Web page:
Catastrophe: The two brawl as the corps plays Medea’s Dance of Vengeance one more time. The main character finally gains the upper hand, but makes the choice to spare the man he has relentlessly been seeking after this entire time. The show ends with the famous “crown” set and the murderer being arrested as the main character rides off on the stagecoach.
At its core, drum corps show design can be split into two different categories: music and visual. The way in which these two things compliment each other and intertwine together is what makes the marching arts so unique. So what exactly is the relationship between music and visual? The Complete Marching Band Resource Manual states the following:
“The designer must strive to create moves, forms, and auxiliary work that match the style of the music and enhance the music.”
If the visual is meant to enhance the music, then the musical selections must be very deliberate and well thought-out in order to portray the theme or story of the show. This is another thing I love about Relentless, the music tells a story on its own. Let’s take a look at the repertoire of the show:
The recognizable theme from The Good, the Bad and the Ugly sets the stage for the show immediately, this is a western. The Ecstasy of Gold introduces the conflict, and Medea’s Dance of Vengeance pushes the theme of revenge. Journey of the Lone Wolf and El Tango De Roxanne tell the story of the journey and those met along the way. Hallelujah and Il Tiello are about the death of a loved one and the continued relentless drive for revenge. Equilibrium portrays the idea of trying to make things right, and the show comes to a close by introducing Medea’s one last time for the final showdown, and finishing with Hallelujah for the redemptive ending. Each one of these musical selections has a completely different feel to it, splitting the story into multiple acts in the same way that a Hollywood film does. The deliberate use of music is important to a program like Relentless. The music isn’t just chosen because it sounds nice, it’s chosen to tell a story and set a mood, a concept that is by no means new to Crown. 2014’s Out of this World is another great example of a show that uses music to take the audience on a journey. Michael Klesch had the following to say on the DCI Field Pass Podcast:
“You know, when you put together a show like this, there’s the right combination of things that make people feel uncomfortable for a certain reason, and then there are things that, you know, they can instantly gravitate to, but yet stay within the style and concept of what you’re doing… it elicits an emotional response in people… It’s all an experience that takes the listener and the viewer from the beginning of our journey to the end of our journey.”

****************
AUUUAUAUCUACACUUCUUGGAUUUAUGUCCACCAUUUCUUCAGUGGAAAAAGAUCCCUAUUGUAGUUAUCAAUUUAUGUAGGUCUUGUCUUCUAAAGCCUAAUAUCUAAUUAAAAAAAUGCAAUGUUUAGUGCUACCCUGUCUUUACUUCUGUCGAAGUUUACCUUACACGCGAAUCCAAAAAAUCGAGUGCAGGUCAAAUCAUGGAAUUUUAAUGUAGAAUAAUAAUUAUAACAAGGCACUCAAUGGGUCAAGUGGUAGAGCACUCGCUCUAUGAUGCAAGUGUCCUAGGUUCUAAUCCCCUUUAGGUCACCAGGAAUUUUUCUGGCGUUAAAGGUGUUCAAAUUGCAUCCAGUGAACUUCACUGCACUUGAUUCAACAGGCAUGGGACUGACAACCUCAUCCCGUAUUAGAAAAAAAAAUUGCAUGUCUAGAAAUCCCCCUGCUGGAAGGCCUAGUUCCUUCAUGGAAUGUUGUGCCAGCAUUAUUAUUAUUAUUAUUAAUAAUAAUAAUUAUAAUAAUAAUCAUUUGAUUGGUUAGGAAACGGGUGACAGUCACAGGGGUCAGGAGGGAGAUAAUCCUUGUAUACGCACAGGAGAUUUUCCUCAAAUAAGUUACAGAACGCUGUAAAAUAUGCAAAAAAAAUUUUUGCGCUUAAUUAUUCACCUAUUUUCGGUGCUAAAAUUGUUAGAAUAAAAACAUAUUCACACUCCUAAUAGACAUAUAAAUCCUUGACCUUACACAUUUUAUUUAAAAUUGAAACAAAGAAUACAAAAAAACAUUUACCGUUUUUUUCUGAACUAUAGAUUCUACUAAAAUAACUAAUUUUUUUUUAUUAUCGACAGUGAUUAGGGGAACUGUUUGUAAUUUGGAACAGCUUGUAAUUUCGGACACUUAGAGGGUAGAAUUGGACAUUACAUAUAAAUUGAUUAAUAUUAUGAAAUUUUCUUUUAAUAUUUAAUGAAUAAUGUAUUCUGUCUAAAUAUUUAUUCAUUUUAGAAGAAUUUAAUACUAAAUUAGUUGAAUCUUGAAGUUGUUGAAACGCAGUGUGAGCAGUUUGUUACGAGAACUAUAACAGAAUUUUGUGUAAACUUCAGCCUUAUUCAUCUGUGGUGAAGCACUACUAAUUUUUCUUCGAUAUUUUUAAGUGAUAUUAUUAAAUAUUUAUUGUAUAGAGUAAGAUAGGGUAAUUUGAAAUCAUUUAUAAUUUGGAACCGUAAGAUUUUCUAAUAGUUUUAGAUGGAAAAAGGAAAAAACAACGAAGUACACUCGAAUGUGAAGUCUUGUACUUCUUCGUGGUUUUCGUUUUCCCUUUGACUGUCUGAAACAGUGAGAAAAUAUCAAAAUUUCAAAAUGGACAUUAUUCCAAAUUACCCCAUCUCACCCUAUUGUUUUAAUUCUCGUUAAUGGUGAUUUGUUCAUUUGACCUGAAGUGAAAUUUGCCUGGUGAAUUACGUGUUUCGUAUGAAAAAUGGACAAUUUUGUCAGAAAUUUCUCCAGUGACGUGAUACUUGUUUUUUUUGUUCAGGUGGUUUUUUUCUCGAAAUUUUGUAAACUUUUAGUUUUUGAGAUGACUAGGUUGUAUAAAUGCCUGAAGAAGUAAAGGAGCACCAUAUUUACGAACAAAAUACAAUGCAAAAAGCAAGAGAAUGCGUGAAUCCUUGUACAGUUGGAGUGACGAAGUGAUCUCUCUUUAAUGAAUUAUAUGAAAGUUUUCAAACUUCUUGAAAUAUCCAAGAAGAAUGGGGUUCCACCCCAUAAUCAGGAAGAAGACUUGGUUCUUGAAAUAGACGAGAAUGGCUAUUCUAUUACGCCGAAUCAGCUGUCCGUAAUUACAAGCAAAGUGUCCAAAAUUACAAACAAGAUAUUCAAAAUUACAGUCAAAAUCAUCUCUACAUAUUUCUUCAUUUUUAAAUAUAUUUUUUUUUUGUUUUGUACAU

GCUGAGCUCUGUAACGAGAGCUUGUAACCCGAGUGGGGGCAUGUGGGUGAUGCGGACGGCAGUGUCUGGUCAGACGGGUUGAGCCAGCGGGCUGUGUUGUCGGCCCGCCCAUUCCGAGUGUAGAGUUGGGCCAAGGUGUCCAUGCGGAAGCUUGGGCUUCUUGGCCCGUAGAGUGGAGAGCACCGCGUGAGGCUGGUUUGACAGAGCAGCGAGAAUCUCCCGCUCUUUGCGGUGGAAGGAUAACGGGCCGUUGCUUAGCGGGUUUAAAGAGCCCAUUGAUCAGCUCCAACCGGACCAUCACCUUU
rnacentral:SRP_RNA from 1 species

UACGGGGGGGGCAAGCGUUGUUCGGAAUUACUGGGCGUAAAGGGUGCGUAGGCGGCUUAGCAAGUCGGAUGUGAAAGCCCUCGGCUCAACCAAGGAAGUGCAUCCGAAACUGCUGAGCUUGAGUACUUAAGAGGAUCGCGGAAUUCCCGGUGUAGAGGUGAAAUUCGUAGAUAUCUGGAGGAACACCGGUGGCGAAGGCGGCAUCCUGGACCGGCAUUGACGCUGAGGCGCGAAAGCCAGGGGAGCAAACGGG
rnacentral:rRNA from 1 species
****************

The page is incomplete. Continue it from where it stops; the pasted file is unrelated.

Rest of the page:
This wouldn’t be a drum corps show without visuals, though. The most recognizable design element of relentless is the stagecoach, which enters the field on side one during the preshow and exits the field on side two as the show has ended. The audience sees the journey being made, even if they can’t necessarily make out the characters. One important thing to note is that the stagecoach never moves on its own, but there’s always someone behind the reigns. Crown’s attention to detail is among the best in the activity. Even the uniform design, which has kept a consistent style since 2013, changes slightly from year to year to fit the theme of the show.
For me, the key to an entertaining show is the journey, and no one takes you on a journey quite like Crown does. Watching a Crown show is like watching a good movie. Their deliberate usage of music and visual is designed to take the audience through multiple acts of the story they’re trying to tell, and they know exactly how to make you feel the way they want you to feel, even if it’s unsettling. If you don’t wanna take my word for it, go see them at a DCI show this Summer. I don’t want to spoil anything, but I can probably guess the set they end with.